Funding to Spray Invasives at Town Forest Up in Air

Work is continuing on the Londonderry Town Forest, with a dedicated volunteer hoping to add it to the town’s collection of green spaces. But he may need to find another source for spraying the area.

Kent Allen, a longtime resident, is cleaning up the Town Forest to make it more accessible. The Conservation Commission, no longer the supervising body for the Town Forest, thanks to a decision by voters in March, has backed off from funding for protective spraying, and Councilor Jim Butler, the Council’s representative to the Heritage Commission, plans to discuss the issue at the July 11 meeting.

In a recent Conservation Commission meeting, Allen noted that the Town Forest is a 13.5-acre parcel between the Town Common and Glenwood Cemetery.

Allen said he has already accumulated 45 piles of brush. “It was an open winter and I was able to work through it,” he said.

There is a 50-foot buffer along the pond and Allen has agreed to stay clear of the pond. “One of the trails goes along the edge,” he said. “That is the only infringement.”

The area is home to vegetation including several blueberry bushes and ferns. It’s beautiful in the spring and summer, Allen said. “Unfortunately, by October, it’s ripe and it stinks,” he said.

He has left a lot growing, Allen said, including both low and high foliage. “It is a great time of year out there,” he said.

Conservation Chairman Marge Badois observed that there is a lot of poison ivy in the area and Allen agreed. There is one trail, he said, that is “wicked.”

But Badois also told Allen that the Commission has no money in its budget for spraying the Town Forest for invasive species.

“We have not always sprayed the Town Forest,” Badois said in a later interview. “We did it once.”

Badois explained that Conservation entered into a one-year contract for spraying in 2015. “The company had a three-year proposal for us,” she said. “It was not a three-year contract, and we only entered into a one-year contract.”

The Commission voted against rehiring the contractor, Swamp Inc. The one-year contract was for $5,200.

Badois said the Commission is only responsible for controlling invasives on its own properties. “There are invasive phragmites in front of the high school, but we won’t be spraying them,” she pointed out.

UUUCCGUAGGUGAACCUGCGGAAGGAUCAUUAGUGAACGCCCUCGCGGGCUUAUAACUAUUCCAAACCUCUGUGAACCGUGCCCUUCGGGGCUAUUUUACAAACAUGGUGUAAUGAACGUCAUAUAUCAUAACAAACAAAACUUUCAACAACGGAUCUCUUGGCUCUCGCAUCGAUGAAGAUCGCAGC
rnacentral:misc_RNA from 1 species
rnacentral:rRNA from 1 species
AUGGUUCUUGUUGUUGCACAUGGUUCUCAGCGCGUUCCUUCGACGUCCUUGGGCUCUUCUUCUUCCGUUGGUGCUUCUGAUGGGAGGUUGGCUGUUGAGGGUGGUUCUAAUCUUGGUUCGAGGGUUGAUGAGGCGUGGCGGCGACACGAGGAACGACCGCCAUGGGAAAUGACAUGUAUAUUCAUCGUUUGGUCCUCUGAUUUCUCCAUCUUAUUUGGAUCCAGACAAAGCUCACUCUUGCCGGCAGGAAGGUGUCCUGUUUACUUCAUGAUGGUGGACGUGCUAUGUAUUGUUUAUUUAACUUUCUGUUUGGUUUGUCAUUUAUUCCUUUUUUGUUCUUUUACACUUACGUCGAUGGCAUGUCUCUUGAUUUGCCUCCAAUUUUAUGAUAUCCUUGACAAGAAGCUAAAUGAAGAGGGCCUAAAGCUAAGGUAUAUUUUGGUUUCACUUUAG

Badois also explained that the Commission’s original charge for the Town Forest was to keep it as a wildlife habitat. Allen’s goal is to make it more of a park, and that doesn’t fit the Commission’s view for the area, she said.

“In the last election, the community voted to take the forest out of Conservation’s control,” she said.

Article 12 on the March 2016 warrant asked voters to approve the transfer of all supervision, management duties and responsibilities of the Town Forest from the Commission to the Town Manager. At the time, commissioners did not oppose the change, but recommended that the town also allocate funds for the maintenance of the Town Forest.

Article 12 read: “To authorize the transfer of all supervision, management duties and responsibilities of the land surrounding the Town Common and fronting on Mammoth Road and Pillsbury Road, which is sometimes referred to as the Town Forest, from the Conservation Commission to the Town Manager, with the advice and recommendations from the Historic District/Heritage Commission, Conservation Commission and Town Council. The Article has no tax rate impact. The Council and Budget Committee voted 5-0 each to recommend the Article.”

The article passed, 1,488 to 527.

At the May 26 Heritage Commission meeting, Allen passed out maps and an information sheet about the Town Forest project. He talked about invasive plants in the area, including bittersweet, and said he has cut a bittersweet vine that was 4 inches in diameter. Allen said that Conservation cancelled the spraying contract for the bittersweet, and Butler said he would address the issue in a Council meeting.

Allen’s plans include a possible area for Scouts to camp, an accessible loop trail with signage, and planting of chestnut, walnut and butternut trees, to represent the original “Nutfield.” Residents could donate a tree from a local nursery and have it tagged with the species, date and donor, he wrote in a memo.

Other possible uses would be for schools and Scout troops to use the area as an educational resource for lessons, badge requirements and community service. He would like to see more volunteers, especially those experienced with chain saws, he wrote.

And, he wrote, he is eager to see funding made available for the elimination of bittersweet and poison ivy.

The Council meeting is July 11 at 7 p.m. in the Council chambers.

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